Vanna Ngo: Vanna was a Master of Liberal Studies student focusing on Human Rights and Social Justice. Working with the SMU Residential Commons, Vanna created a restorative justice curriculum to motivate constructive dialogue across and around difference, increase student investment in community health and safety issues, and provide an alternative conflict resolution platform in the SMU Residential Commons.

Sandra Ostad: Sandra was Master of Liberal Studies student focusing on Human Rights and Social Justice and Global Studies. Interning with the International Rescue Committee, Sandra facilitated their citizenship education curriculum, assisted with development campaigns, created a volunteer training structure, and wrote a successful grant proposal for the United States Citizenship and Immigration Services agency which alloed the Dallas office of the IRC to significantly expand its citizenship instruction and naturalization application services.

Daryl Parker: Daryl was a Master of Liberal Studies student focusing on Human Rights and Social Justice and Creative Writing. Daryl built on his background as a Marine and police officer to launch a new nonprofit organization, Actual Innocence Review, which conducted criminal investigations in cases of wrongfully convicted persons and successfully won a new judicial hearing for Gustavo Mireles, a man who has been in prison on a murder charge for fifteen years.

 

2014-2015 Fellows

 

Anna Norkett: Anna was a third year undergraduate with majors in Economics and Public Policy and a minor in Business Administration. She worked as Project Leader for College Bound Dallas to administer a tutoring and mentoring program for underprivileged high school students and raise awareness of education inequality in the United States.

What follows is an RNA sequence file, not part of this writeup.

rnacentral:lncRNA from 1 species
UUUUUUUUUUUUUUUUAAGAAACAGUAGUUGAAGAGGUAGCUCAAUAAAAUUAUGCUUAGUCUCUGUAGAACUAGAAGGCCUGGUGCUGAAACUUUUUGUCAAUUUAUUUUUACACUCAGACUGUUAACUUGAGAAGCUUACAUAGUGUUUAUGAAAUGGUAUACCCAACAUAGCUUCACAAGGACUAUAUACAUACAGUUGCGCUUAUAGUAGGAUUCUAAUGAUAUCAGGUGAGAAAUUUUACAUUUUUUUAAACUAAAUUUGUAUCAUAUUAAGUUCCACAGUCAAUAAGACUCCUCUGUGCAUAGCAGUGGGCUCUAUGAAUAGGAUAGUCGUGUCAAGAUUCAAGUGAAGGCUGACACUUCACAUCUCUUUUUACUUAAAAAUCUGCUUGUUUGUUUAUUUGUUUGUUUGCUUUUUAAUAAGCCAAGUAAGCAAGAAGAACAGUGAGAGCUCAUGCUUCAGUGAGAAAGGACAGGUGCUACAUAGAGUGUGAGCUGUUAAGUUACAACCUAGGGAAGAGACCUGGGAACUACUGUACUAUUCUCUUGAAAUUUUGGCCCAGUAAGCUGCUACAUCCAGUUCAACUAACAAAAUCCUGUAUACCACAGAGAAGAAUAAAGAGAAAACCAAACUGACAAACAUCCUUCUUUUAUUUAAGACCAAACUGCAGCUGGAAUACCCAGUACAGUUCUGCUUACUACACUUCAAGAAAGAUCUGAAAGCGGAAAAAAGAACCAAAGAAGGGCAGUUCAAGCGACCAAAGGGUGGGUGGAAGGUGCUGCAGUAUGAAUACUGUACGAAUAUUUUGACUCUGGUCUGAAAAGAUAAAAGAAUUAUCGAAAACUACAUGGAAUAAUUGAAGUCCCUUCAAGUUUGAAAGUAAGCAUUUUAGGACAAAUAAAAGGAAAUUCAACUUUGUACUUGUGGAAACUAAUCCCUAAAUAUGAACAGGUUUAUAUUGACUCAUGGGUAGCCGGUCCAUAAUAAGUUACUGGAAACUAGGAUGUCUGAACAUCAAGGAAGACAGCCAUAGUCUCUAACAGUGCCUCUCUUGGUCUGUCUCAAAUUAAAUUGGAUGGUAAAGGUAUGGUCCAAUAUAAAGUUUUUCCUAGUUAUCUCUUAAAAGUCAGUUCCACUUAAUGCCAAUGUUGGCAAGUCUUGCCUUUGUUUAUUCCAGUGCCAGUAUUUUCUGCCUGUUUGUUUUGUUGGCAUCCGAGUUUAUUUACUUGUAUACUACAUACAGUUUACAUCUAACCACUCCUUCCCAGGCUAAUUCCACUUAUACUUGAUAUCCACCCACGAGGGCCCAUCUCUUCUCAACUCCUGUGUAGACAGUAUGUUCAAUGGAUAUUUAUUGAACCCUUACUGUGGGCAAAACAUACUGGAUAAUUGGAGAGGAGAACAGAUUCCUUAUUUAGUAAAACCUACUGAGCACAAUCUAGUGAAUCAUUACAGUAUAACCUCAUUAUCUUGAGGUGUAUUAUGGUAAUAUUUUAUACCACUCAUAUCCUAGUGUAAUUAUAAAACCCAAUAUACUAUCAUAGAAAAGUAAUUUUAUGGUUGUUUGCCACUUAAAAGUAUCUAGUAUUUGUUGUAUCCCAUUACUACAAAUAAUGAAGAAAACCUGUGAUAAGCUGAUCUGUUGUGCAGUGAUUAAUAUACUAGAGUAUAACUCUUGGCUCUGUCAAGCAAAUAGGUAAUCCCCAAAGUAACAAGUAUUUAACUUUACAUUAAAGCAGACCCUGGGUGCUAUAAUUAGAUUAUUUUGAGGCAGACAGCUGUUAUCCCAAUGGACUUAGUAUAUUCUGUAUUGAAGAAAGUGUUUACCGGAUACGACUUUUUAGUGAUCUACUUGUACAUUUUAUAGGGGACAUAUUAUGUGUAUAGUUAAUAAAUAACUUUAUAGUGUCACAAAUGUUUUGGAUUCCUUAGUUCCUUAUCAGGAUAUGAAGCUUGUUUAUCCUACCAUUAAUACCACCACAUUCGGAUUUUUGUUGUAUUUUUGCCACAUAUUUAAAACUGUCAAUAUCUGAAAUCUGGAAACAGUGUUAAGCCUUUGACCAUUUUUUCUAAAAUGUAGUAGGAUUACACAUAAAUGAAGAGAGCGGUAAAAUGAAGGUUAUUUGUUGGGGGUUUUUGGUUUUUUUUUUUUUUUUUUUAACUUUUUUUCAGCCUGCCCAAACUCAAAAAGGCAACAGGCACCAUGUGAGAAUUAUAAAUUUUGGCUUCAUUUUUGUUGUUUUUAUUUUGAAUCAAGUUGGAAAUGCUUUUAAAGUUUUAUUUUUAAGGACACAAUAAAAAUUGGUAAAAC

Amanda Steinke: Amanda was a fourth year undergraduate with majors in Environmental Engineering and Human Rights. In conjunction with the Lyle Engineering in the City program, she facilitated a 1200 square foot aquaponics project at St. Philip's School and Community Center in south Dallas, an area identified as a food desert.

Karma Orfaly:
Karma was a fourth year student with majors in Human Rights and Political Science and a minor in Law and Legal Reasoning. She worked with Ma’Ruf Dallas, a Muslim social justice and refugee service organization, to serve as a translator, educator, and service provider with Syrian recently relocated to the United States.

Ketetha Olengue: Ketetha was a fourth year undergraduate with majors in Computer Science and Chemistry and a minor in Mathematics. She led grassroots campaigns and built international relationships as a Social Media, Communications, and Development specialist with Minga Peru.

Shelbi Smith: Shelbi was a fourth year student with a major in Human Rights and minors in Women’s and Gender Studies and History. She worked with Human Rights Initiative of North Texas to provide legal assistance to refugees and immigrants who were victims of human rights abuses.